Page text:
David Simpson: To ask the Secretary of State for Wales how much his Department spent on overnight accommodation for (a) Ministers and (b) officials while overseas in each of the last three years. 
Lady Hermon: To ask the Secretary of State for Northern Ireland how many people of each nationality have been charged with cultivating cannabis in Northern Ireland in each of the last 24 months. 
Paul Goggins: These are operational matters for the Chief Constable. I have asked him to reply to the hon. Member directly, and I will arrange for a copies of the letters to be placed in the Library of the House.
To ask the Secretary of State for Northern Ireland pursuant to his answer of 19 October 2009, Official Report, columns 1215-16W, on Criminal Damages Compensation 1997, how many applications
under the Criminal Damages (Compensation) (Northern Ireland) 1977 Order were received from the Gaelic Athletic Association in each of the last five years. 
|The Gaelic Athletic Association|
In cases relating to GAA property claims are usually submitted in the name of trustees who are the legal owners of the property which has been damaged. The trustees' name does not always make reference to the GAA and the Compensation Agency's computer database does not therefore identify these as GAA claims. Since 2008-09 the Compensation Agency has kept a separate manual record of claims relating to GAA property.
Mr. Paterson: To ask the Secretary of State for Northern Ireland what expenditure his Department has incurred to date on (a) the Saville Inquiry, (b) the Robert Hamill Inquiry, (c) the Rosemary Nelson Inquiry and (d) the Billy Wright Inquiry. 
|(1) In addition, £36 million has been paid by the Ministry of Defence in relation to the inquiry.|
Mr. Gregory Campbell: To ask the Secretary of State for Northern Ireland what the average number of prisoners being held in each prison in Northern Ireland was during September (a) 2007, (b) 2008 and (c) 2009.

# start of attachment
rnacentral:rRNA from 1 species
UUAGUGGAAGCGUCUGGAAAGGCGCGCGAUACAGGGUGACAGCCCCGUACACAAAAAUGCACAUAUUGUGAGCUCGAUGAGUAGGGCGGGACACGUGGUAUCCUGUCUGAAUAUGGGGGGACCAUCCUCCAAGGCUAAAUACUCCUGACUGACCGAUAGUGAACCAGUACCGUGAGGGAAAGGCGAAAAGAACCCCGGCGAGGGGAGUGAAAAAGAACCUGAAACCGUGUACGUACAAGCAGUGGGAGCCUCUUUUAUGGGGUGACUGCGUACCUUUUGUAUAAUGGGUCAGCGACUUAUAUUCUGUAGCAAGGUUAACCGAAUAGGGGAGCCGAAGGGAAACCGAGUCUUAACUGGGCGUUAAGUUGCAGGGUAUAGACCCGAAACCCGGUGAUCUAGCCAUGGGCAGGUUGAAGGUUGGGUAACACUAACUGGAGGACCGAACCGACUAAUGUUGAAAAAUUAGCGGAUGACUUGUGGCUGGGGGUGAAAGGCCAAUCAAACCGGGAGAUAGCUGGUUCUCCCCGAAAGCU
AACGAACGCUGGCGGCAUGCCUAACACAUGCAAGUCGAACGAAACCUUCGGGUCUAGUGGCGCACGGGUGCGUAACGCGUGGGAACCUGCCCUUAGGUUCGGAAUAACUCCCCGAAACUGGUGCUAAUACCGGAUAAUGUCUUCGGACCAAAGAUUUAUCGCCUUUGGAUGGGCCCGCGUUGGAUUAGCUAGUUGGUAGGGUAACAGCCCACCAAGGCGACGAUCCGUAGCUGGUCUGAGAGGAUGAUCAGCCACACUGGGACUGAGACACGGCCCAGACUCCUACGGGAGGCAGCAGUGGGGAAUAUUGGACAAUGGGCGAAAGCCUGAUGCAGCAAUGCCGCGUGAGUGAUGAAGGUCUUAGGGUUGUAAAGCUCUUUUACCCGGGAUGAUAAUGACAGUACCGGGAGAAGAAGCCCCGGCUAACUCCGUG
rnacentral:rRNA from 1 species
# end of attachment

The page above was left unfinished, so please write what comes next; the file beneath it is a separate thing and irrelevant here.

|September||Maghaberry||Mag i lli gan||Hydebank Wood||Total Average|
Given the current uncertainty in the property market, the sales and marketing strategy for the sale of remaining homes continues to be developed. A precise figure for more pre-2012 sales of homes is therefore not yet available.
Mr. Roger Williams: To ask the Secretary of State for Environment, Food and Rural Affairs (1) how many single payment scheme claims made in (a) 2008, (b) 2007, (c) 2006 and (d) 2005 remain outstanding; and if he will make a statement; 
(2) by what date he expects the Rural Payments Agency to have completed payments against Single Farm Payment Scheme claims made in (a) 2008, (b) 2007, (c) 2006 and (d) 2005; and if he will make a statement. 
|Claims outstanding as at 30 October 2009|
|Single Payment Scheme year||Number|
Most of the 157 SPS claims remaining to be paid involve probate or legal issues, for which information is required from external parties. It is therefore not possible to predict when these payments will be made. Some claims may not receive a payment.
David T.C. Davies: To ask the Secretary of State for Environment, Food and Rural Affairs what recent estimate the Forestry Commission has made of the future availability of biomass from forests managed by the Commission. 
Huw Irranca-Davies: The Forestry Commission maintains comprehensive records of the forests it manages including area, species, age, growth rates and intended management. This data is used to create and update its forecasts of future production.
Current estimates are that the public forest estate in England will produce 1.4 million cubic metres of timber per annum over the next 10 years and that to harvest significantly more would not be sustainable.
Further information on the production and use of biomass and timber is included in the Commission's Forestry Statistics booklet. The 2009 edition has just been published and I have arranged for a copy to be placed in the Library of the House.
Lembit Öpik: To ask the Secretary of State for Environment, Food and Rural Affairs what expenditure his Department has incurred on British Waterways in the last 10 years; and what revenue has been generated by British Waterways from projects and programmes supported by such expenditure in that period. 
|(1) Includes £5 million brought forward from 2010-11. Source: DEFRA internal figures.|
British Waterways spends DEFRA grant in aid on maintaining and operating the waterways network rather than on specific projects or programmes. British Waterways receives income from maintaining and operating the waterways such as utility wayleaves, boat mooring charges and licence fees. It also receives income from its commercial activities including its property portfolio and funding from third parties for specific restoration and regeneration projects. Total income and funding from third parties over the last 10 years is summarised as follows:
|Direct income||Third party funding|
| Source: British Waterways.|
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